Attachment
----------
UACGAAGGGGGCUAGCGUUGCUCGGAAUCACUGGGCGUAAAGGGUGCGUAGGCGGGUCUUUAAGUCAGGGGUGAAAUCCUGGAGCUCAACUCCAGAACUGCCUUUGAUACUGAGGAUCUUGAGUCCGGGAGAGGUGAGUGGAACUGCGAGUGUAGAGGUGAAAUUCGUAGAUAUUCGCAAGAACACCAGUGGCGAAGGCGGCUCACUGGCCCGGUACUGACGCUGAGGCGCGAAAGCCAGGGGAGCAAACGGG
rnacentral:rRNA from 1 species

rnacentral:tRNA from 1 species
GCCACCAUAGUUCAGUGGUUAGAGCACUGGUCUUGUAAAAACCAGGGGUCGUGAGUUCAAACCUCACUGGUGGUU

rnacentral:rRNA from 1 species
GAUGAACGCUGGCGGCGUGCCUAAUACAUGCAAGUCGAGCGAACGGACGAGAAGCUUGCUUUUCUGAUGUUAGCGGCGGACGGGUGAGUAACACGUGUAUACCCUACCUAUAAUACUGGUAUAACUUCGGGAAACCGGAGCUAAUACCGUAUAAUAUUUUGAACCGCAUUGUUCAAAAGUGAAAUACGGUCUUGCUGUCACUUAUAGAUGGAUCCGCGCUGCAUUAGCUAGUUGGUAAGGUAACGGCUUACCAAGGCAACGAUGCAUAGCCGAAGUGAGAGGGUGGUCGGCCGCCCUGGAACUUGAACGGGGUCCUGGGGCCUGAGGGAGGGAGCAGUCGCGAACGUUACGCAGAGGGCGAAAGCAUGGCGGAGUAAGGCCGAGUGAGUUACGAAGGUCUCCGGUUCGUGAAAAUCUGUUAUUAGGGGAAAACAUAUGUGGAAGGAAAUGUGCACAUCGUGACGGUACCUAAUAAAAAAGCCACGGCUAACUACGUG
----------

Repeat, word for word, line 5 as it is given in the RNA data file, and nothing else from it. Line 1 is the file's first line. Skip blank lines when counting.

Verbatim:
rnacentral:rRNA from 1 species